Unfortunately, a similar attack can be mounted against the integrity of collective history, in an entangled service set. Entanglement, as described in Section 4, does not verify that samples from 's timeline that are archived at and are identical. If is malicious, it can report authenticators from one chain to and from another to , undetected (see Figure 4). In the general case, this does not dilute the usability of entanglement among honest service domains. Instead, it renders unprovable some interactions between honest and dishonest service domains. More importantly, attacks by a service against the integrity of its own timeline can only make external temporal precedence information involving that timeline inconclusive; such attacks cannot change the temporal ordering between time steps on honest and dishonest timelines. Ultimately, it is solely the clients of a dishonest service who suffer the consequences.
Consider, for instance, the scenario of Figure 4. Dishonest service has branched off its originally unique timeline into two separate timelines at its time . It uses the top branch, with times , , etc., in its entanglements with service , and its bottom branch, with times , , etc., in its entanglements with service . From 's point of view, event is incorporated in 's state and corresponding timeline at time . From 's point of view, however, event seems never to have happened. Since does not appear in the branch of 's timeline that is visible to , 's clients cannot conclusively place event in time at all. Therefore, only the client of who is responsible for event suffers from this discrepancy. does not know about it at all, and knows its correct relative temporal position.
We describe briefly a method for enforcing timeline uniqueness within an entangled service set in Section 7.
Historic survivability in the context of an entangled set of services is the decoupling of the verifiability of existence and temporal precedence proofs within a timeline from the fate of the maintainer of that timeline.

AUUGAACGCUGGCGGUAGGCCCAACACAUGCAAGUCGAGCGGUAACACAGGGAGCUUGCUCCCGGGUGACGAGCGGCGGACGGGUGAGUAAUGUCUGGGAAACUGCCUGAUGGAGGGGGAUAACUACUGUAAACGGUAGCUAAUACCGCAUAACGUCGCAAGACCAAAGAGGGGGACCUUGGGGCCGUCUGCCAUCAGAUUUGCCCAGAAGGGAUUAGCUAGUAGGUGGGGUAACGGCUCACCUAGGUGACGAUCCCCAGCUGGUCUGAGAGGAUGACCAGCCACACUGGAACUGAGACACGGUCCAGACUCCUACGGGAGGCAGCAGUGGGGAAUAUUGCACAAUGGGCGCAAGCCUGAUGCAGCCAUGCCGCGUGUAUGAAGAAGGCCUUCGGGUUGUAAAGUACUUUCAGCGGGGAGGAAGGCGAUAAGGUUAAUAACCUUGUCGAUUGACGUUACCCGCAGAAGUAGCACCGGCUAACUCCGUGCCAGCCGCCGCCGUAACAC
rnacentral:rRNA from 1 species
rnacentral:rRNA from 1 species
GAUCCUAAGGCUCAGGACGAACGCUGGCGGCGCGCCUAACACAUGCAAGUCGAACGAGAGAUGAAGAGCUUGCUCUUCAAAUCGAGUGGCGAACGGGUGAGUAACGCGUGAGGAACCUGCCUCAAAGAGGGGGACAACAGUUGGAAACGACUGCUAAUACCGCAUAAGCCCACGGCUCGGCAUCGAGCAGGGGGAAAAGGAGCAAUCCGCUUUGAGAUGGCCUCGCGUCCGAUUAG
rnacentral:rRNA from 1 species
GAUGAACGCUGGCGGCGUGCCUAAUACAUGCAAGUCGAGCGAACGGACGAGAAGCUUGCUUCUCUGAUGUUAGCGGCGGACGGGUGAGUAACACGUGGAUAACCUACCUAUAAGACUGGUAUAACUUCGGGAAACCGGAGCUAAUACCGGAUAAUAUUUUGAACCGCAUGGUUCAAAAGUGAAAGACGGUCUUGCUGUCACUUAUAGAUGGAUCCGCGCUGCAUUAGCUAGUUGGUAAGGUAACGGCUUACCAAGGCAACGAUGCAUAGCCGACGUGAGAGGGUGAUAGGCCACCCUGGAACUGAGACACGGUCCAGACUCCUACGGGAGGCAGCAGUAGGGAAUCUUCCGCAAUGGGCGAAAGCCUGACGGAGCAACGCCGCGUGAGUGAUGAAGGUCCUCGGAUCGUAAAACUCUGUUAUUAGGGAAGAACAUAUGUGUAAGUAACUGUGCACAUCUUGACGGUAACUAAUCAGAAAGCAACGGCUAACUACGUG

Temporal proofs are inherently survivable because of their dependence on well-known, one-way constructs. For example, a hash chain consisting of multiple applications of SHA-1 certainly proves that the result of the chain temporally followed the input to the chain. However, this survivability is moot, if the timeline authenticators that the proof orders undeniably can no longer be interpreted or associated with a real time frame.
Fortunately, secure temporal mapping allows a client within a service domain to fortify a temporal proof that he cares about against the passing of the local service. The client can accomplish this by participating in more service domains than one; then, he can proactively map the temporal proofs he cares about from their source timeline onto all the timelines of the service domains in which he belongs. In this manner, even if all but one of the services with which he is associated become unavailable or go out of business, the client may still associate his proofs with a live timeline in the surviving service domain.
Consider, for example, the scenario illustrated in Figure 5. David, who belongs to all three service domains , and , wishes to fortify event so as to be able to place it in time, even if service is no longer available. He maps the event onto the timelines of and --``mapping an event '' is equivalent to mapping the timeline time step in whose system state event is included, that is, in the example. Even though the event occurred in 's timeline, David can still reason about its relative position in time, albeit with some loss of resolution, in both the service domains of and , long after is gone. In a sense, David ``hedges his bets'' among multiple services, hoping that one of them survives. Note also that the fortification of even can occur long after its occurrence. The use of temporal mapping in this context is similar in scope to the techniques used by Ansper et al.  for fault-tolerant time stamping services, although it assumes far less mutual trust among the different service domains.
We have devised two new, to our knowledge, disk-oriented data structures for the implementation of Timeweave, our timeline entanglement prototype. In Section 5.1, we present authenticated append-only skip lists. These are an efficient optimization of traditional hash chains and yield precedence proofs with size proportional to the square logarithm of the total elements in the list, as opposed to linear. In Section 5.2, we present RBB-Trees, our disk-based, persistent authenticated dictionaries based on authenticated search trees. RBB-Trees scale to larger sizes than current in-memory persistent authenticated dictionaries, while making efficient use of the disk. Finally, in Section 5.3, we outline how Timeweave operates.
Our basic tool for maintaining an efficient secure timeline is the authenticated append-only skip list. The authenticated append-only skip list is a modification of the simplistic hash chain described in Section 3 that yields improved access characteristics and shorter proofs.
Our skip lists are deterministic, as opposed to the randomized skip lists proposed in the literature . Unlike the authenticated skip lists introduced by Goodrich et al. , our skip lists are append-only, which obviates the need for commutative hashing. Every list element has a numeric identifier that is a counter from the first element in the list (the first element is element , the tenth element is element , and so on); the initial authenticator of the skip list before any elements are inserted is element . Every inserted element carries a data value and an authenticator, similarly to what was suggested in Section 3 for single-chain timelines.